Sec. Fanning’s reaction represents an evolution in the way government — following the lead of tech companies like Google and Facebook — views security research. Government agencies and private industry giants haven’t always been so nonchalant about getting hacked. Fears of foreign hackers have consumed Capitol Hill in the wake of large-scale data theft from the Office of Personnel Management and the Democratic National Committee, and companies have responded to bug reports with legal threats. Although many larger firms have established programs today that allow for safe vulnerability disclosure, hackers still have reasonable fears about prosecution and prison time.
“The shadow of that still lingers very strongly with security researchers,” says Alex Rice, the chief technology officer of HackerOne. “The risk is significant, and that’s true for the industry and especially for the government.”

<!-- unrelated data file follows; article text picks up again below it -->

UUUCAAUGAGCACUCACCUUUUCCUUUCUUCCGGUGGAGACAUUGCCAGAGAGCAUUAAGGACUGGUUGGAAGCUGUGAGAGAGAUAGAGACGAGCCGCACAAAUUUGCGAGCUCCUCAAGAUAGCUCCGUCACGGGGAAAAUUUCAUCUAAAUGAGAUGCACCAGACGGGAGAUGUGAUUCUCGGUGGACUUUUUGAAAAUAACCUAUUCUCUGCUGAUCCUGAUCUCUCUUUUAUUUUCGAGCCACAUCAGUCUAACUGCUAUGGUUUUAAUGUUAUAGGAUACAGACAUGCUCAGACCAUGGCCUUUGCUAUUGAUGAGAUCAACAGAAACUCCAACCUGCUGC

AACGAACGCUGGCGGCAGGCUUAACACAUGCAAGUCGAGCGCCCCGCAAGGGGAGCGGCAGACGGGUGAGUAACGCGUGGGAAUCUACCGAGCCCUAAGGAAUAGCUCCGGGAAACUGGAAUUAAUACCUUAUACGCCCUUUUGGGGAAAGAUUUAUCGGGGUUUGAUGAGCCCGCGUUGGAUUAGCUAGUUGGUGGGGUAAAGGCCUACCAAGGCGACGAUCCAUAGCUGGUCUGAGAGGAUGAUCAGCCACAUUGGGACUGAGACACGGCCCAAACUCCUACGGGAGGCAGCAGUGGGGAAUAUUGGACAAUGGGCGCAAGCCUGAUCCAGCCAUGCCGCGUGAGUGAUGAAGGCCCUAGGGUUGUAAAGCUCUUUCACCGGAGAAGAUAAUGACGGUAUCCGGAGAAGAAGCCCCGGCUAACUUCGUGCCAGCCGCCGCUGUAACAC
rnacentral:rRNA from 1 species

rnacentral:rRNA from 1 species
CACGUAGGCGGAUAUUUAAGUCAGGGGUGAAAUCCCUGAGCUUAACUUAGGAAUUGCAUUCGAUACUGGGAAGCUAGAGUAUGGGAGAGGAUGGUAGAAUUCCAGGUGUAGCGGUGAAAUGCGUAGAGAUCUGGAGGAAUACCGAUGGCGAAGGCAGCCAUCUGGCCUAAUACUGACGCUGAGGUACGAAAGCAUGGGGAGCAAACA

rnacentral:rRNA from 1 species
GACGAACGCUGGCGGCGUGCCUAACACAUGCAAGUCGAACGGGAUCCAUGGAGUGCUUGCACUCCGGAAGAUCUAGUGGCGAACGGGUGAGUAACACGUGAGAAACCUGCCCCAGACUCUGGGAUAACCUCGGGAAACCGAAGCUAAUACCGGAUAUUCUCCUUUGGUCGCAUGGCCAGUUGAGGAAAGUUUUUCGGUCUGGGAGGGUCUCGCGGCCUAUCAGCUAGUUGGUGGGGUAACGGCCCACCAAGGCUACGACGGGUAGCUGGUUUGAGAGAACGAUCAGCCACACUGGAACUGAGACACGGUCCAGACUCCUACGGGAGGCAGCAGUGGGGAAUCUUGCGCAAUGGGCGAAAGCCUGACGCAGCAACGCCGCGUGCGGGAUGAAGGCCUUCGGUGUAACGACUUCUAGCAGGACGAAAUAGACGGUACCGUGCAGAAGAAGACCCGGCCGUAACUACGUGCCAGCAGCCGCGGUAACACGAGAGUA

HackerOne is one of several companies that offer bug bounty as a service, pairing the likes of Twitter, Uber and Dropbox with hackers who will test their sites and services for vulnerabilities. One of HackerOne’s latest clients is the Defense Department, which launched its first bug bounty, Hack The Pentagon, last spring and followed it with Hack The Army in November.
The Defense Department has been relatively slow to accept the concept of a bug bounty, adopting it only after years of implementation in the tech industry.
lthough the idea of bug bounties reportedly originated in the mid-1990s at Netscape. Rice traced it back even further, digging up a Hunter & Ready advertisement from 1983 that offered to reward hackers who discovered bugs in its VRTX operating system with Volkswagen Beetles. “Get a bug if you find a bug,” the tagline read.